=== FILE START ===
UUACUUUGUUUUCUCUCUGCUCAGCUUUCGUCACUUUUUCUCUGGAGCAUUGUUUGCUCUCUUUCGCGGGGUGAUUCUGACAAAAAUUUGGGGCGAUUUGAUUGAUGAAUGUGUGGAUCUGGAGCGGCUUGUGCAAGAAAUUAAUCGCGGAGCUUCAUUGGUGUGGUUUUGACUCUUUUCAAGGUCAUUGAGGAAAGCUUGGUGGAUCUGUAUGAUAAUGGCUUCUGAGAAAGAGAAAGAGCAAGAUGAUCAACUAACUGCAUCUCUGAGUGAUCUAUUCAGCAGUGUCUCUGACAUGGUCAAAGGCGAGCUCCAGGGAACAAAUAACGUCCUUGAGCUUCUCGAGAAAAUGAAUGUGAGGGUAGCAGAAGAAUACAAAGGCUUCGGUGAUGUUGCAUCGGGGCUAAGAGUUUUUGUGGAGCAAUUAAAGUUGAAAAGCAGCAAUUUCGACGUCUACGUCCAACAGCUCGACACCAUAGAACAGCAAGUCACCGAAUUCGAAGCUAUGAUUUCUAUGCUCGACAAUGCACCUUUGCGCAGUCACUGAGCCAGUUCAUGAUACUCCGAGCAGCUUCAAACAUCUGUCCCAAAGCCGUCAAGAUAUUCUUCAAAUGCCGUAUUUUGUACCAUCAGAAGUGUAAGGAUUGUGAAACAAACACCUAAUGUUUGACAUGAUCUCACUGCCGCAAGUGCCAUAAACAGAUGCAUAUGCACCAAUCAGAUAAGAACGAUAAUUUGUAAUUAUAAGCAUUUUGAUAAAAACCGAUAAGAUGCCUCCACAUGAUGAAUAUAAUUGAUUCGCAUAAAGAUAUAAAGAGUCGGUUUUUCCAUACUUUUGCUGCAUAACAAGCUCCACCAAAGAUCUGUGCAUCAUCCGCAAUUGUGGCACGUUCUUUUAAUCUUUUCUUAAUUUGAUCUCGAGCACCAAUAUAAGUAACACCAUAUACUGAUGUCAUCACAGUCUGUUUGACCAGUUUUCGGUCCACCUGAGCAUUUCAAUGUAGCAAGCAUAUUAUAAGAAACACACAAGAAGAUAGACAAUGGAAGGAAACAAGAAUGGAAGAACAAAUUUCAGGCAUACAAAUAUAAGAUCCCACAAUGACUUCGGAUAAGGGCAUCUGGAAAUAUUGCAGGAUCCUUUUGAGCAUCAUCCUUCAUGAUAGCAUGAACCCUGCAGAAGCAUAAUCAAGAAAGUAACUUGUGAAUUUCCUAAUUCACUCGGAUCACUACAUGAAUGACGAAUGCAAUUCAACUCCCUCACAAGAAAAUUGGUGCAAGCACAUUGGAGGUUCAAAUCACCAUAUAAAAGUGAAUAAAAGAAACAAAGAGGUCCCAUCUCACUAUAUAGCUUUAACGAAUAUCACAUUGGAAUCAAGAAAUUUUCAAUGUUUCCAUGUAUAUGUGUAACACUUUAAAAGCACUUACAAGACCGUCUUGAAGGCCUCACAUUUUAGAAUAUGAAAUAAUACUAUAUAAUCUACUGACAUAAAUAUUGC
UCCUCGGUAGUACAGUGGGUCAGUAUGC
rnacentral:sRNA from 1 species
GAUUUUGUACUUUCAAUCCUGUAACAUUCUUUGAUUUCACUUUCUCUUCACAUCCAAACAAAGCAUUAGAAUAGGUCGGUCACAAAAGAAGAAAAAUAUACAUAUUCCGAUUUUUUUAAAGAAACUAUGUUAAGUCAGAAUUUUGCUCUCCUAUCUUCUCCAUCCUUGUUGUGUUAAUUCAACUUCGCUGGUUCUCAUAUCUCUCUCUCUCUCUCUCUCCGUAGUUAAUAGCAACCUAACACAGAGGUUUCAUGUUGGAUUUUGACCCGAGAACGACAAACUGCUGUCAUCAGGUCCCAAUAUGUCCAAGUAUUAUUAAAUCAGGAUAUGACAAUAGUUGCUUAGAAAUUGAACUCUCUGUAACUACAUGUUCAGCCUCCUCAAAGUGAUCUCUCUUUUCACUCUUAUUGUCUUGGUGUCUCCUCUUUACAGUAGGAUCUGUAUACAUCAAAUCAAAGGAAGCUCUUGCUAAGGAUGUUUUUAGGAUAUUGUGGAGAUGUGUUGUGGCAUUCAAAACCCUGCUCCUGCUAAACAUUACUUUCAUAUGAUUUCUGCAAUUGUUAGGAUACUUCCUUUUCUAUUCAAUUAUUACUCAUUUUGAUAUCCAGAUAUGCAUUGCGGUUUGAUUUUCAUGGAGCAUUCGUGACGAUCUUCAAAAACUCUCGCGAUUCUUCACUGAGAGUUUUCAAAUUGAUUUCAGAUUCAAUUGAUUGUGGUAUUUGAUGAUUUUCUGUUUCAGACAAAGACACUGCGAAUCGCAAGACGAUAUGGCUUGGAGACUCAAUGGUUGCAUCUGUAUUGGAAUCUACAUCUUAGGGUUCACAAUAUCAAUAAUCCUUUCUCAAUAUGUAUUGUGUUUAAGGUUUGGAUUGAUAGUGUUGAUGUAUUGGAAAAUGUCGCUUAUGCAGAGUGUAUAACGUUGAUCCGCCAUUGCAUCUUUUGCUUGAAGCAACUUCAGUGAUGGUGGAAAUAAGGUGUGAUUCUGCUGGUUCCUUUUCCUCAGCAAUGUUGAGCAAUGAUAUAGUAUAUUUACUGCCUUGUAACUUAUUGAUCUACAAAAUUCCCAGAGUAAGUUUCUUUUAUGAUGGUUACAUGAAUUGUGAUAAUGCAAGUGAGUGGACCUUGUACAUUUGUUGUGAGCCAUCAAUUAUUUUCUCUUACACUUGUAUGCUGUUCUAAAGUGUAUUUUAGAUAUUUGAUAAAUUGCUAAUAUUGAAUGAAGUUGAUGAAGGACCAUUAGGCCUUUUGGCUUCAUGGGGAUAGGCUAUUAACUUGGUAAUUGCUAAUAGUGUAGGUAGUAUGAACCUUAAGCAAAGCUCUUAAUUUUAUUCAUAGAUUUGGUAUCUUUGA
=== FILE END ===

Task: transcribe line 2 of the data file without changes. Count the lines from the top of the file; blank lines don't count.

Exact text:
UCCUCGGUAGUACAGUGGGUCAGUAUGC